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Late-Season Chill Damages Fruit Trees; Snowfall Hits 2 Feet

April 24, 1986

Undated (AP) _ A cold snap lingered today from the Great Lakes to the Carolinas after temperatures plunged to record lows in 14 states, causing millions of dollars of damage to fruit crops and dropping up to 2 feet of snow as winter weather gave the East one last shiver.

The surprise snowfall reached as far south as Virginia, snarling traffic and closing schools in New York and New Jersey. The National Weather Service reported 31 low-temperature records set early today in the East and the Pacific Northwest.

The highest reported snowfall Wednesday was 24 inches in Eldred, N.Y., in the Catskill Mountains near the Pennsylvania border.

″It is wicked traveling,″ said Gene Hathaway of the National Weather Service at Newark (N.J.) International Airport, where two-thirds of an inch of snow fell, breaking the record of just a trace set in 1963 and 1984.

Record low temperatures Wednesday extended as far south as Miami, where the 57-degree readinf was 2 degrees lower than the 1970 record, and as far west as Lake Charles, La., where the 48 degrees was 2 degrees lower than a 1934 record.

Meanwhile, the 84-degree reading at Aberdeen, S.D., tied an 86-year-old record for the date and was 9 degrees warmer than the high at Key West, Fla.

For today, forecasters predicted warmer weather.

Tender fruit crops suffered widespread damage in Kentucky, Michigan, Indiana, West Virginia and Ohio. Most agriculture officials said damage could not be determined immediately, but Richard Funt of Ohio’s Cooperative Extension Service estimated Wednesday that the loss to his state’s apple and grape crops would total $20 million to $25 million.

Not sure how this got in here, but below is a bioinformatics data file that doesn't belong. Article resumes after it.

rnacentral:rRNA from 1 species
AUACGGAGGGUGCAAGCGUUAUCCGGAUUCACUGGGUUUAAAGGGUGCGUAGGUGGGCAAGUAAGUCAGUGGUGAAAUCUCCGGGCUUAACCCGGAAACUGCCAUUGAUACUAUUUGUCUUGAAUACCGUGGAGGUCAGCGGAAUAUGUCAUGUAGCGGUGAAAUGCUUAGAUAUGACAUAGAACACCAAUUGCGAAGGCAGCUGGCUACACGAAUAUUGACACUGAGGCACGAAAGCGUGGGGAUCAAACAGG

″There are several growers in southern Ohio that are completely wiped out,″ said Blake Gerber, executive director of the Ohio Fruit Growers Association.

The temperature in Columbus, Ohio, early Wednesday hit 23, breaking a 30- year-old record low for the date by 6 degrees.

″I anticipate upwards of 90 percent grape damage,″ said grower Dwight Brown of Lawton in southwestern Michigan, where the state’s fruit industry is centered. ″We had some tart cherries in blossom and I assume it destroyed them. Sweet cherries also were in bloom and it appears they are gone, too.″

The temperature in Grand Rapids, Mich., dipped to 20 early Wednesday; the previous record for the date, 27, was set in 1956.

Fruit growers took various steps to keep the chill off crops that can be affected by just a few degrees’ difference. Agriculture officials scy 28- degree cold can damage 10 percent of the fruit on a tree, while 25 degrees can result in 90 percent damage.

″They’ll be using wind machines, helicopters, orchard heaters and a lot of prayers,″ said John Holtz, agriculture meteorologist at West Virginia University. ″Some might even use brush fires or burn old tires - anything to bring temperatures up a few degrees.″

In Ohio’s Licking County, Mitch Lynd said he hired four helicopters at $350 an hour each to push warm air down on his 50,000 apple trees on 530 acres.

Initial reports showed at least some crops apparently survived the chill.

″We got by all right,″ Leonard Sanson, manager of the Carolina Blueberry Cooperative in Burgaw, N.C., said this morning. ″I think the wind came up and there’s no frost and I think we were all right. Three or four more degrees could have been really bad.″

″The frost was erratic,″ said Pete Marziliano of the Rabun County, Ga., Extension Service. Heavy frost may have damaged early vegetables and peach trees, he said.

The unusual cold rode a jet stream from Canada dipping farther south than usual into a set of high-pressure systems centered early today over Ohio and the northern Gulf of Mexico, said Paul Fike of the National Severe Storms Forecast Center in Kansas City, Mo.

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